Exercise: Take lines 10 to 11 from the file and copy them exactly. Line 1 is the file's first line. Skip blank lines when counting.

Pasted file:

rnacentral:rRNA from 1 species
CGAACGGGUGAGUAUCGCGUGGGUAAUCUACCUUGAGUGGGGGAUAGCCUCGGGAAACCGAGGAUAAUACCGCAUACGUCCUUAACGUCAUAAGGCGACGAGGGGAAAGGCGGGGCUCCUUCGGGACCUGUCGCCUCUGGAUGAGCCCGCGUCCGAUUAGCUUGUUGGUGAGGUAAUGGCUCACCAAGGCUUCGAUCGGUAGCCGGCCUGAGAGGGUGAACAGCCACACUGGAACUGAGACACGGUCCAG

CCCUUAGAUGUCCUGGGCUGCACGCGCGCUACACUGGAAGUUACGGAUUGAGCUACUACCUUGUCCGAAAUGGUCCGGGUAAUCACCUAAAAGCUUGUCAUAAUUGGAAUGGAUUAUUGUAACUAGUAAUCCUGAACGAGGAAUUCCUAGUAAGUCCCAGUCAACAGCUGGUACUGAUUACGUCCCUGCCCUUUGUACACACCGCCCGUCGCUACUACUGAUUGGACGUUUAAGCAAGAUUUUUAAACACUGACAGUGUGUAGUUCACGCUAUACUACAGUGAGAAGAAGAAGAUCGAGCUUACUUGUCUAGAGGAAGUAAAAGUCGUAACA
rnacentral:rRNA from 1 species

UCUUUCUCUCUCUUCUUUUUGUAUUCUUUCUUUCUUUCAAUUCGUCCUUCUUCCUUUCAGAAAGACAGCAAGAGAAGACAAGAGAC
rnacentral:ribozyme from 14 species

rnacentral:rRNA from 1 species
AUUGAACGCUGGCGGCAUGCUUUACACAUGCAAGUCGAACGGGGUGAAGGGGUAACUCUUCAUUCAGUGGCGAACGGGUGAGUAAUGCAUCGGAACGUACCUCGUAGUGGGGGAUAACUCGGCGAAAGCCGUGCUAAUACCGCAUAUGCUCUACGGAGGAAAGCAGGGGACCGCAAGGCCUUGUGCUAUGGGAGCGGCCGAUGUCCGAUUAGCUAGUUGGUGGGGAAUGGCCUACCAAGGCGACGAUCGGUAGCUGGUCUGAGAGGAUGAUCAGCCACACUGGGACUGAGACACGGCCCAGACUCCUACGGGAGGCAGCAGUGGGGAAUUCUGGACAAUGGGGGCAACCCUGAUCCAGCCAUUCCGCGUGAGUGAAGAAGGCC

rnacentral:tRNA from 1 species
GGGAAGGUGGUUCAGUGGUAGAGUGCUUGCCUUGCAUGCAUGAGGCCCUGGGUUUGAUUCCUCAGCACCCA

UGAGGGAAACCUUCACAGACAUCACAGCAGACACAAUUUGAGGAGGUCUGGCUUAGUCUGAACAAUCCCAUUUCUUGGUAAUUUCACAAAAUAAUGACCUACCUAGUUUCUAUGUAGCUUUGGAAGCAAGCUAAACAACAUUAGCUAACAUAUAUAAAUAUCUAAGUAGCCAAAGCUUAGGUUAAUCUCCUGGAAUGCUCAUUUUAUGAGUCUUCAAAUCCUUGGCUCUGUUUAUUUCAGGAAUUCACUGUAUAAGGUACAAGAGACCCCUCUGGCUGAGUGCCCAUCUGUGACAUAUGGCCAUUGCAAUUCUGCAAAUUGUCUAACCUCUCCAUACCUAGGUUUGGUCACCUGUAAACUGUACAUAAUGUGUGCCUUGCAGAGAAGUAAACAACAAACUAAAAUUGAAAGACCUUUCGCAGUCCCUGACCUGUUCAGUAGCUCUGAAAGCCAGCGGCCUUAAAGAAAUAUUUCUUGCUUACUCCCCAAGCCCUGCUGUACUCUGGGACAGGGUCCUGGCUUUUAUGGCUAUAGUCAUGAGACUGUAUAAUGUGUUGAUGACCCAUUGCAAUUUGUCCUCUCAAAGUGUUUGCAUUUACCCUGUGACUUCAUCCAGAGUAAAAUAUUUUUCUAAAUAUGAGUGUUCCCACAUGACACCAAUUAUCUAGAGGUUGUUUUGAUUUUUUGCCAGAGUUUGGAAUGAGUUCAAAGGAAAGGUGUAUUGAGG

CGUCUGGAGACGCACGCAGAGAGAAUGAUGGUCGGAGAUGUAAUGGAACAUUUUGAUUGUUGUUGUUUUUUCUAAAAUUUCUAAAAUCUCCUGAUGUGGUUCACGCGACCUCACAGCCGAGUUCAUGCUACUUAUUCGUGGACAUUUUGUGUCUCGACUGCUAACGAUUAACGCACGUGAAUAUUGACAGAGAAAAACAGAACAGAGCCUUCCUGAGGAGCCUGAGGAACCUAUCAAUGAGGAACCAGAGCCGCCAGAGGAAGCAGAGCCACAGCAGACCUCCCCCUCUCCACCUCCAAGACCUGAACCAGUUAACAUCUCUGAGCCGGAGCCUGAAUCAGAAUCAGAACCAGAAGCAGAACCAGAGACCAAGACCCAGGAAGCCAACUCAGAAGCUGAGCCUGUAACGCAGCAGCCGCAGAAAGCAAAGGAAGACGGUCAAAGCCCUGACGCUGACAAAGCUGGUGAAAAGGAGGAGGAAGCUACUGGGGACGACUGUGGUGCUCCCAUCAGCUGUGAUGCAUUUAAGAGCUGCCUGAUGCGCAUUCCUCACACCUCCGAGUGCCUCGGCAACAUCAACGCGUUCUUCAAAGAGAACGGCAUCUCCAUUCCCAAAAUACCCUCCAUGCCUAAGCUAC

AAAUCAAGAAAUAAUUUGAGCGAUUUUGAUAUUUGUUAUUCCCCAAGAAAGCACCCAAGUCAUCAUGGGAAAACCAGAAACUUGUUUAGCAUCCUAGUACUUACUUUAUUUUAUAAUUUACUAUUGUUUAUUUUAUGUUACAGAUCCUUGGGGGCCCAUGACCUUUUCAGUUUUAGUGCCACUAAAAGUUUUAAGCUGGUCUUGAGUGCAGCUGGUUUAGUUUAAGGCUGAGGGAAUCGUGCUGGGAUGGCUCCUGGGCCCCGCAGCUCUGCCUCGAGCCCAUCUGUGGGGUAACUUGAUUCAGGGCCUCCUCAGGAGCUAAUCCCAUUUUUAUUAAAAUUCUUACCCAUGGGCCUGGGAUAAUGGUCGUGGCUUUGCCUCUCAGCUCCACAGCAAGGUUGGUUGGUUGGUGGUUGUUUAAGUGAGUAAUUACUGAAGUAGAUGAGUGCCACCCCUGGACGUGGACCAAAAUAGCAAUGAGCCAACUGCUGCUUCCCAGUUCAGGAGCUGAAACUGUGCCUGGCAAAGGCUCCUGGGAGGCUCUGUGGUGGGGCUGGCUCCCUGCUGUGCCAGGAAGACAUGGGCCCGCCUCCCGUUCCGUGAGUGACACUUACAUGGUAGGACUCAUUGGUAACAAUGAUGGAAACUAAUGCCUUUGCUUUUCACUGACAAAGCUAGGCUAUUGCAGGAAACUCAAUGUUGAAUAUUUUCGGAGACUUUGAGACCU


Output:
GGGAAGGUGGUUCAGUGGUAGAGUGCUUGCCUUGCAUGCAUGAGGCCCUGGGUUUGAUUCCUCAGCACCCA

UGAGGGAAACCUUCACAGACAUCACAGCAGACACAAUUUGAGGAGGUCUGGCUUAGUCUGAACAAUCCCAUUUCUUGGUAAUUUCACAAAAUAAUGACCUACCUAGUUUCUAUGUAGCUUUGGAAGCAAGCUAAACAACAUUAGCUAACAUAUAUAAAUAUCUAAGUAGCCAAAGCUUAGGUUAAUCUCCUGGAAUGCUCAUUUUAUGAGUCUUCAAAUCCUUGGCUCUGUUUAUUUCAGGAAUUCACUGUAUAAGGUACAAGAGACCCCUCUGGCUGAGUGCCCAUCUGUGACAUAUGGCCAUUGCAAUUCUGCAAAUUGUCUAACCUCUCCAUACCUAGGUUUGGUCACCUGUAAACUGUACAUAAUGUGUGCCUUGCAGAGAAGUAAACAACAAACUAAAAUUGAAAGACCUUUCGCAGUCCCUGACCUGUUCAGUAGCUCUGAAAGCCAGCGGCCUUAAAGAAAUAUUUCUUGCUUACUCCCCAAGCCCUGCUGUACUCUGGGACAGGGUCCUGGCUUUUAUGGCUAUAGUCAUGAGACUGUAUAAUGUGUUGAUGACCCAUUGCAAUUUGUCCUCUCAAAGUGUUUGCAUUUACCCUGUGACUUCAUCCAGAGUAAAAUAUUUUUCUAAAUAUGAGUGUUCCCACAUGACACCAAUUAUCUAGAGGUUGUUUUGAUUUUUUGCCAGAGUUUGGAAUGAGUUCAAAGGAAAGGUGUAUUGAGG